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Barrow / Cairn Cemetery


Beckhampton Firs Long Barrow

Monument No. 215662

Details of Long Barrow on Pastscape

A Neolithic long barrow (Grinsell's Bishops Cannings 76) with a Bronze Age round barrow over its east end, located west of Beckhampton Firs. Excavated by Thurnam in the mid-19th century, apparently without result. Completely excavated by Smith in 1964. Neolithic pottery, animal bones and an antler pick were found. The antler pick was radiocarbon dated to 2307 +- 90 bc. The mound itself featured a framework of fencing comprising an axial line of stake holes with off-set "bays", each then infilled and revetted. No human bone was found associated with the the long barrow. Subsequent to excavation, the long barrow remains as a mound, though inevitably much disturbed in appearance. Scheduled.

(SU 06666773) Long Barrow (NR) (1)
West of Beckhampton Firs - Bishop's Cannings 76 : long barrow (see plan). Probably excavated by Thurnam (3) without result during 1855-67. Total excavation of the mound, which remained to a height of 3 ft, by Smith on behalf of the Ministry of Public Building and Works in 1964 revealed it to be unchambered, and no burials were discovered. A few sherds of Neolithic pottery were found in the mound and animal bones including the skulls of three oxen were found both in and under the mound. A round barrow with ditch was later superimposed on its eastern end. This has been almost totally destroyed, but sherds of a Collared Urn from the adjacent plough soil were most probably derived from it(4). Finds from the barrow are in Devizes Museum. (2-6)
SU 06656773. The long barrow, now up to 0.7m in height above 0.2m deep side ditches, is apparently much disturbed and cannot be readily reconciled with Smith's plan, where the orientation seems to be in error. The mound, 66.0m long NE-SW by 50.0m, has a slightly raised circular portion at its NE end, probably the remains of the round barrow identified by Smith, and side ditches 0.2m deep. Resurveyed at 1:2500. (7)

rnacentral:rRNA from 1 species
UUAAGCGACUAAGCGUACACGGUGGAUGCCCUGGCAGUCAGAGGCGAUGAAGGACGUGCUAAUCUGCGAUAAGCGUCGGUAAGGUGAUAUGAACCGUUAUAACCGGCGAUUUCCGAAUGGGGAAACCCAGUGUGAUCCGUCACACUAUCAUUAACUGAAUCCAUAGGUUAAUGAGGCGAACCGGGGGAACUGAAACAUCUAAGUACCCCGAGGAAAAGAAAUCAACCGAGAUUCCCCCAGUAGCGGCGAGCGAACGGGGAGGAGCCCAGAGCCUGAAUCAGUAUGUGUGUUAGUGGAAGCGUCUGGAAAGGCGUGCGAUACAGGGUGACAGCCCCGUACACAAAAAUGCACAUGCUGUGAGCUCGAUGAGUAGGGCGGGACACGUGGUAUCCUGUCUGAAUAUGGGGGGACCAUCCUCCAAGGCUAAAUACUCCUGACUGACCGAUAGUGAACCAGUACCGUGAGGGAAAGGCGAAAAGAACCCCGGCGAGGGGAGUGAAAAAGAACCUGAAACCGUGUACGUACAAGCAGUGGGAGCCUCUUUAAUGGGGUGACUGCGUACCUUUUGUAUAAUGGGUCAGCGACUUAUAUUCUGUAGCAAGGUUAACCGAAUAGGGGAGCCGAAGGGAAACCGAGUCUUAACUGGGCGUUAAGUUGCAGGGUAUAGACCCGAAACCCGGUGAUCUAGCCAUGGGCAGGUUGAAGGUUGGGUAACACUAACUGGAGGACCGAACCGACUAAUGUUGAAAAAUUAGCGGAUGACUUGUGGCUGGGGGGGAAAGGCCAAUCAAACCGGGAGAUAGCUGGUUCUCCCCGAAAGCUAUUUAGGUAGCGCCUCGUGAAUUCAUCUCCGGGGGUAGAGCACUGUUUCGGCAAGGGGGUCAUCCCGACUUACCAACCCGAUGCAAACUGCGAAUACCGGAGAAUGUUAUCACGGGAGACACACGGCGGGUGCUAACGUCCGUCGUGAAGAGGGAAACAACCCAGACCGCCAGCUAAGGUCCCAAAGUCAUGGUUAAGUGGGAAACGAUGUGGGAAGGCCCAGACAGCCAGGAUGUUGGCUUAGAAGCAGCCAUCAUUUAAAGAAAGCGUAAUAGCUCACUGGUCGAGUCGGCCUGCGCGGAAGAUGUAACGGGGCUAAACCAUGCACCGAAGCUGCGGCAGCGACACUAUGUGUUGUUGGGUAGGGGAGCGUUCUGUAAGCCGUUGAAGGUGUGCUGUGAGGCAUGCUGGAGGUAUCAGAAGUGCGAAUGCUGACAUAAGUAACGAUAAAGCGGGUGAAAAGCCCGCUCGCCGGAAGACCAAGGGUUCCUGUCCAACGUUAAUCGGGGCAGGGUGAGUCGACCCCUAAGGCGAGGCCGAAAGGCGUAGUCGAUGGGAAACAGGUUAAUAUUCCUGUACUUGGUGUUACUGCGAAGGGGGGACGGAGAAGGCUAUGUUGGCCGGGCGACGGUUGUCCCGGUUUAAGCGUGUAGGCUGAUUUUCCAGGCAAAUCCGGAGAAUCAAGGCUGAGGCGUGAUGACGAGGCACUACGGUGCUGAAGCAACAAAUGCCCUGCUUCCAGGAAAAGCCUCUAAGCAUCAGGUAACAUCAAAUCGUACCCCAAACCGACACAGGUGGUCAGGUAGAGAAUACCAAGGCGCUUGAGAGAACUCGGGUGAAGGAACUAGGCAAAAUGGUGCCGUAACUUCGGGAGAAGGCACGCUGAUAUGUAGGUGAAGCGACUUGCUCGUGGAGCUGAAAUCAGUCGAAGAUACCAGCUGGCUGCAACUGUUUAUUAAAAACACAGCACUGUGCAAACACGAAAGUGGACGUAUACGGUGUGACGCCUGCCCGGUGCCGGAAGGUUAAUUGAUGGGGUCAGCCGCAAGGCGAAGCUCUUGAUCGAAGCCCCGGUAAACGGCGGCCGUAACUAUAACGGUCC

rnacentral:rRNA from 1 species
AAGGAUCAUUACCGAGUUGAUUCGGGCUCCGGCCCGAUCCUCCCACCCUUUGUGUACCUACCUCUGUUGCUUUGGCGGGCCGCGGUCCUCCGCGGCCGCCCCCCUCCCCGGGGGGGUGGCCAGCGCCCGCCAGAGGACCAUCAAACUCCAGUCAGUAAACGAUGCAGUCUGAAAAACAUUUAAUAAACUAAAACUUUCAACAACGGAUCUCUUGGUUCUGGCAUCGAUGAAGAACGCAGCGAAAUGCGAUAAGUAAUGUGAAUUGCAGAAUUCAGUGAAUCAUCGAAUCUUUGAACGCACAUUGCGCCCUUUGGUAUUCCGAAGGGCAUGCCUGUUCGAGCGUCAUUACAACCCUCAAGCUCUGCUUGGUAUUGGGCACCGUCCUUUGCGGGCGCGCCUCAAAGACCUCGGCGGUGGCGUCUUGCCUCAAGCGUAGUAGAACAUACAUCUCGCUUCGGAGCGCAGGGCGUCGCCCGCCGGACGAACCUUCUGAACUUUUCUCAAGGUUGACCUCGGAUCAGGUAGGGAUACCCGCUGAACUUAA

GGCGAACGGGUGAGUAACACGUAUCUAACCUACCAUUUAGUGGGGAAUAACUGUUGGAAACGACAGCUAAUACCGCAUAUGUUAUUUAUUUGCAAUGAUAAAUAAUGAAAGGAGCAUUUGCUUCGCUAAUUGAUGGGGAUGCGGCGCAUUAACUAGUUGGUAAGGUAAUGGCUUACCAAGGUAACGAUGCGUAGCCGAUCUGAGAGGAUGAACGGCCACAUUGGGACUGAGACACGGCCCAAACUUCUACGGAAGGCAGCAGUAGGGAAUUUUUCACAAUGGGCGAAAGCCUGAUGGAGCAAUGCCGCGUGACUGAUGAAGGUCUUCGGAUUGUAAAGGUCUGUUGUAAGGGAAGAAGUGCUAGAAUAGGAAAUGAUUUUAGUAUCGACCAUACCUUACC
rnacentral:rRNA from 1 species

Final publication of Smith's excavation occurred in 1979 (8). The long barrow mound consisted of a framework of fencing - an axial line of stake holes with offsets at right angles and lateral lines closing off the bays thus formed. These bays were then infilled, the whole being revetted mostly with what the excavator describes as chalk gravel. An antler pick from the burial surface produced radiacarbon dates of 2307 +/- 90 bc. No human bone was found associated with the long barrow. The round barrow constructed over its eastern end would appear to be of Early Bronze Age date. (8) Additional references. (9-10)
The Neolithic long barrow,dsecribed by the previous authorities, has been mapped from air photographs. (11-12)
Chance Posted by Chance
17th August 2013ce
Edited 17th August 2013ce

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